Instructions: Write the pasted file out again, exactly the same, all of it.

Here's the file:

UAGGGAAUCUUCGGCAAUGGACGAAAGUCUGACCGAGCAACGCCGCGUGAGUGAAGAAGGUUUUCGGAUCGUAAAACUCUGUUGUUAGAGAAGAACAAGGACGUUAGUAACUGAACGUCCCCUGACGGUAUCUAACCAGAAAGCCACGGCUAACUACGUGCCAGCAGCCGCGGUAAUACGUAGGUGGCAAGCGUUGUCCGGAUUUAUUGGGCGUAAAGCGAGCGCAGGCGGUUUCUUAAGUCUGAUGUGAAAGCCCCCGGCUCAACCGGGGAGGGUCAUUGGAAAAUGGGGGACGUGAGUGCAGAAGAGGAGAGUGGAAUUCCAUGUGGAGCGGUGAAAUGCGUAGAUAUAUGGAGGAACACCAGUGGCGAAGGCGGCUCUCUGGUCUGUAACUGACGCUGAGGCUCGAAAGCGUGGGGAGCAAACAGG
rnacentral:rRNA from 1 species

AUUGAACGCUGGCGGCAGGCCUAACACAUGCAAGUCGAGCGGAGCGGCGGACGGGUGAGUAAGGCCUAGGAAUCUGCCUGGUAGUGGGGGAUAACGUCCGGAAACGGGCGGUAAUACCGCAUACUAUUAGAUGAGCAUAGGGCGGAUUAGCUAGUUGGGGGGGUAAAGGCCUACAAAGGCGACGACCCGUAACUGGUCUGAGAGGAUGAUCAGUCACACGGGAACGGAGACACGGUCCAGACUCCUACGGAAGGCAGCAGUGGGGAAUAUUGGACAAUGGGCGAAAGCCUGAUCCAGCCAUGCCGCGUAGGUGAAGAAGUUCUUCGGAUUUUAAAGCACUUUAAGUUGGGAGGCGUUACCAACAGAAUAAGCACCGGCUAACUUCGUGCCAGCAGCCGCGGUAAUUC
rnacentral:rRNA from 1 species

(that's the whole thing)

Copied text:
UAGGGAAUCUUCGGCAAUGGACGAAAGUCUGACCGAGCAACGCCGCGUGAGUGAAGAAGGUUUUCGGAUCGUAAAACUCUGUUGUUAGAGAAGAACAAGGACGUUAGUAACUGAACGUCCCCUGACGGUAUCUAACCAGAAAGCCACGGCUAACUACGUGCCAGCAGCCGCGGUAAUACGUAGGUGGCAAGCGUUGUCCGGAUUUAUUGGGCGUAAAGCGAGCGCAGGCGGUUUCUUAAGUCUGAUGUGAAAGCCCCCGGCUCAACCGGGGAGGGUCAUUGGAAAAUGGGGGACGUGAGUGCAGAAGAGGAGAGUGGAAUUCCAUGUGGAGCGGUGAAAUGCGUAGAUAUAUGGAGGAACACCAGUGGCGAAGGCGGCUCUCUGGUCUGUAACUGACGCUGAGGCUCGAAAGCGUGGGGAGCAAACAGG
rnacentral:rRNA from 1 species

AUUGAACGCUGGCGGCAGGCCUAACACAUGCAAGUCGAGCGGAGCGGCGGACGGGUGAGUAAGGCCUAGGAAUCUGCCUGGUAGUGGGGGAUAACGUCCGGAAACGGGCGGUAAUACCGCAUACUAUUAGAUGAGCAUAGGGCGGAUUAGCUAGUUGGGGGGGUAAAGGCCUACAAAGGCGACGACCCGUAACUGGUCUGAGAGGAUGAUCAGUCACACGGGAACGGAGACACGGUCCAGACUCCUACGGAAGGCAGCAGUGGGGAAUAUUGGACAAUGGGCGAAAGCCUGAUCCAGCCAUGCCGCGUAGGUGAAGAAGUUCUUCGGAUUUUAAAGCACUUUAAGUUGGGAGGCGUUACCAACAGAAUAAGCACCGGCUAACUUCGUGCCAGCAGCCGCGGUAAUUC
rnacentral:rRNA from 1 species